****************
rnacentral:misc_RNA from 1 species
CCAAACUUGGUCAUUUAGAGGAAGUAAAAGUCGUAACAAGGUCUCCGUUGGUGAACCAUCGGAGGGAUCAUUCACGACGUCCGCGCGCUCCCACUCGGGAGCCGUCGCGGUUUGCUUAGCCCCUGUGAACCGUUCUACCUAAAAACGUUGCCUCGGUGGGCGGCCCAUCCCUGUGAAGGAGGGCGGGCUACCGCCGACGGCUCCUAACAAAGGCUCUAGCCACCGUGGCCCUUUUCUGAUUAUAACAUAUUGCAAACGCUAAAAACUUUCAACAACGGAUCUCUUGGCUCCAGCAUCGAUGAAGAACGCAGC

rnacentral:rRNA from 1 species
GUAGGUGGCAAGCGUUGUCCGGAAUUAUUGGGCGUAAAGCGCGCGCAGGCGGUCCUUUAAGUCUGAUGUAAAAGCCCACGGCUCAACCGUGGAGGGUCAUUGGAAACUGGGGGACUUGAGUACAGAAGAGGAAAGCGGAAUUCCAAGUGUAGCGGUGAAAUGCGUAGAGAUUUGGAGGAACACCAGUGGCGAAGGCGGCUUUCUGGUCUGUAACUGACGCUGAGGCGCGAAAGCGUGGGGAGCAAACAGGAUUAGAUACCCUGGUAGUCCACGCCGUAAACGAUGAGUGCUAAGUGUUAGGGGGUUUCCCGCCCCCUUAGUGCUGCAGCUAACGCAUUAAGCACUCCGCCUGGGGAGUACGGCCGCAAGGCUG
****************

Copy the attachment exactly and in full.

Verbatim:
rnacentral:misc_RNA from 1 species
CCAAACUUGGUCAUUUAGAGGAAGUAAAAGUCGUAACAAGGUCUCCGUUGGUGAACCAUCGGAGGGAUCAUUCACGACGUCCGCGCGCUCCCACUCGGGAGCCGUCGCGGUUUGCUUAGCCCCUGUGAACCGUUCUACCUAAAAACGUUGCCUCGGUGGGCGGCCCAUCCCUGUGAAGGAGGGCGGGCUACCGCCGACGGCUCCUAACAAAGGCUCUAGCCACCGUGGCCCUUUUCUGAUUAUAACAUAUUGCAAACGCUAAAAACUUUCAACAACGGAUCUCUUGGCUCCAGCAUCGAUGAAGAACGCAGC

rnacentral:rRNA from 1 species
GUAGGUGGCAAGCGUUGUCCGGAAUUAUUGGGCGUAAAGCGCGCGCAGGCGGUCCUUUAAGUCUGAUGUAAAAGCCCACGGCUCAACCGUGGAGGGUCAUUGGAAACUGGGGGACUUGAGUACAGAAGAGGAAAGCGGAAUUCCAAGUGUAGCGGUGAAAUGCGUAGAGAUUUGGAGGAACACCAGUGGCGAAGGCGGCUUUCUGGUCUGUAACUGACGCUGAGGCGCGAAAGCGUGGGGAGCAAACAGGAUUAGAUACCCUGGUAGUCCACGCCGUAAACGAUGAGUGCUAAGUGUUAGGGGGUUUCCCGCCCCCUUAGUGCUGCAGCUAACGCAUUAAGCACUCCGCCUGGGGAGUACGGCCGCAAGGCUG